The Global Entrepreneurship Monitor, a project that makes assessments of various activities by different entrepreneurs across the country, with their different characteristics and their role in the nation’s economic growth has in its 2011 report, made a very interesting observation. Having conducted a study together with the Babson and Baruch Colleges, it has come to the conclusion that America has topped the list of Innovation driven entrepreneurs.
With Americans being least afraid of failures and over twenty nine million American adults getting involved in some entrepreneurial activity, the country has been soaring with activities by entrepreneurs. This has resulted in an increase in the Total Entrepreneurship Activity in America which has risen up to a percentage of sixty three. This is the highest level of Total Entrepreneurial Activity when compared to other developed economies across the globe.
Also, a study reveals that over 39 percent of these different entrepreneurial activities are on the road to creating more jobs within the next five years in America.
Another interesting factor revealed here is that most of these startups in America focus on their business at the domestic level. When it comes to internationalization, America proves to be one among the lowest with just a thirteen percent of its entrepreneurs receiving more than a quarter of their revenue from overseas sales.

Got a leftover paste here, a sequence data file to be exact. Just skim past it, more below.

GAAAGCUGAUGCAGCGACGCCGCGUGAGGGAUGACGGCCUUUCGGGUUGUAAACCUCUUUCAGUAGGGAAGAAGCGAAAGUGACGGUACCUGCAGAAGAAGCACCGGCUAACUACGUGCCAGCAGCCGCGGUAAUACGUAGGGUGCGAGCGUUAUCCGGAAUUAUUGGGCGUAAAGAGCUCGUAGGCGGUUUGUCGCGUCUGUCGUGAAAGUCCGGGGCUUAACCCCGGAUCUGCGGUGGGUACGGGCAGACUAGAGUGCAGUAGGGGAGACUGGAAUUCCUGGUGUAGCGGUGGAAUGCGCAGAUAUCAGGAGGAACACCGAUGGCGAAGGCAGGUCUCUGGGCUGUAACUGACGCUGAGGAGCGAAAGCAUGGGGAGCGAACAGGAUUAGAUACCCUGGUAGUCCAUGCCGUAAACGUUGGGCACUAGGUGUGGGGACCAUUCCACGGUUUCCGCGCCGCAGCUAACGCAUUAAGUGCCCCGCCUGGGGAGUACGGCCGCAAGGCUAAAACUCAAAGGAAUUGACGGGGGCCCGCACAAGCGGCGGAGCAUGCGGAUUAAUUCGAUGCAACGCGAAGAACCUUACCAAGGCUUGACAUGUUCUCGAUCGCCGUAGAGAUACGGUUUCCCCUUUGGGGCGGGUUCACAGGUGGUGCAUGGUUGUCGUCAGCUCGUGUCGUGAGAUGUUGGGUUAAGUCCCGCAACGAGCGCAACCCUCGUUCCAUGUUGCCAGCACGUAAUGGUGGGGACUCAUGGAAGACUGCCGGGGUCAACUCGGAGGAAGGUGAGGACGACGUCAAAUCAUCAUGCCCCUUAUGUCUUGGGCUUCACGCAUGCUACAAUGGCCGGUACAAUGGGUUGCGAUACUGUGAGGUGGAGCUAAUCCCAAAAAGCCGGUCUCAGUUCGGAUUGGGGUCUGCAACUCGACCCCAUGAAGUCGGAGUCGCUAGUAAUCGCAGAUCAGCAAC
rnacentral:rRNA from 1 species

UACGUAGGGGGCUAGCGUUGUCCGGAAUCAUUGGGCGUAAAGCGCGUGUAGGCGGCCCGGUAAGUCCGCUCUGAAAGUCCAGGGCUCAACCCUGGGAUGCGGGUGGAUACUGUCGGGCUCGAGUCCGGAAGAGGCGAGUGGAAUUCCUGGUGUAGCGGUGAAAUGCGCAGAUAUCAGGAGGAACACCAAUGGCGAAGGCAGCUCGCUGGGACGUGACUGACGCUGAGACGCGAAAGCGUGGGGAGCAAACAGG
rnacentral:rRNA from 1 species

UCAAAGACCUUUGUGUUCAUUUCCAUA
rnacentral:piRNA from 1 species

“It’s important to recognize the size and diversity of [the United States], as well as the fact that there are only land connections to Canada and Mexico. … Western Europe has common borders and people with multiple language abilities.” The report states, as put forward by bostinno.com.
“We saw an unprecedented jump in entrepreneurial activity in 2011,” commented the GEM Report’s lead author, Donna J. Kelley, Associate Professor of Entrepreneurship at Babson College. “Most of these entrepreneurs were in the process of just getting started, which means a lot of people took the leap into entrepreneurship during 2011. In addition, compared with 2010, more people reported that they were intending to start businesses in the next three years, showing a more positive future outlook for entrepreneurship in the United States after two years of declining indicators.”, as reported by sacobserver.com
“Importantly, necessity-based entrepreneurship accounted for a lower proportion of entrepreneurial activity in 2011,” continued Kelley. “In the depths of the recession, we saw a tremendous increase in people starting businesses out of necessity. In 2011, the entrepreneurship rate was pulled up primarily by those starting businesses to pursue promising opportunities–a strong sign of entrepreneurial activity occurring as a result of optimism, not desperation.”